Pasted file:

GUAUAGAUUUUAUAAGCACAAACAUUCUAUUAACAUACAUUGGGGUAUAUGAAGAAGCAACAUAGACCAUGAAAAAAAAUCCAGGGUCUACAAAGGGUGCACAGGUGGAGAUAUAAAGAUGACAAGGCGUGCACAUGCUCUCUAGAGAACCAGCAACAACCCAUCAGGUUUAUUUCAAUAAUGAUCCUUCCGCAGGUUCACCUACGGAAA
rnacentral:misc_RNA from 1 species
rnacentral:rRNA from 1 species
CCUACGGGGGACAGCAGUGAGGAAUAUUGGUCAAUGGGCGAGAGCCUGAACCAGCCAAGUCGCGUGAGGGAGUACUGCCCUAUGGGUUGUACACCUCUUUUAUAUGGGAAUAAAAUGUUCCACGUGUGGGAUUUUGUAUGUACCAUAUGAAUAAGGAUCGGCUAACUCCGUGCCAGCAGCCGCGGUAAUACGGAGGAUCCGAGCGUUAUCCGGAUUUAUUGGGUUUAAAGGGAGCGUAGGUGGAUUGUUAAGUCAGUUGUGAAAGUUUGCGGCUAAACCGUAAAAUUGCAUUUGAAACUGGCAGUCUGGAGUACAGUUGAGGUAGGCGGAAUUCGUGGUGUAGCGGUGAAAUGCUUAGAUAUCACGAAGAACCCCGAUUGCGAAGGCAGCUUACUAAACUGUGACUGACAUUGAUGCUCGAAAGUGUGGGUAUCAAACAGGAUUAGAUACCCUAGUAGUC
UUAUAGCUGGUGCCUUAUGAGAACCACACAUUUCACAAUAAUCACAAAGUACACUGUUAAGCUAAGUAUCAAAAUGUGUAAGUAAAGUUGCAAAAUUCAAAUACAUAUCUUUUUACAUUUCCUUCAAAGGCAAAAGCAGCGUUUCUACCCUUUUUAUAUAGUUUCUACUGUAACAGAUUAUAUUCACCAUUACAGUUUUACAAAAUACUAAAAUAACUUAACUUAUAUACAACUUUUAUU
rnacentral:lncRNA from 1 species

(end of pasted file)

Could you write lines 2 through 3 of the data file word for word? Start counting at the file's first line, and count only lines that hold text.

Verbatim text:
rnacentral:misc_RNA from 1 species
rnacentral:rRNA from 1 species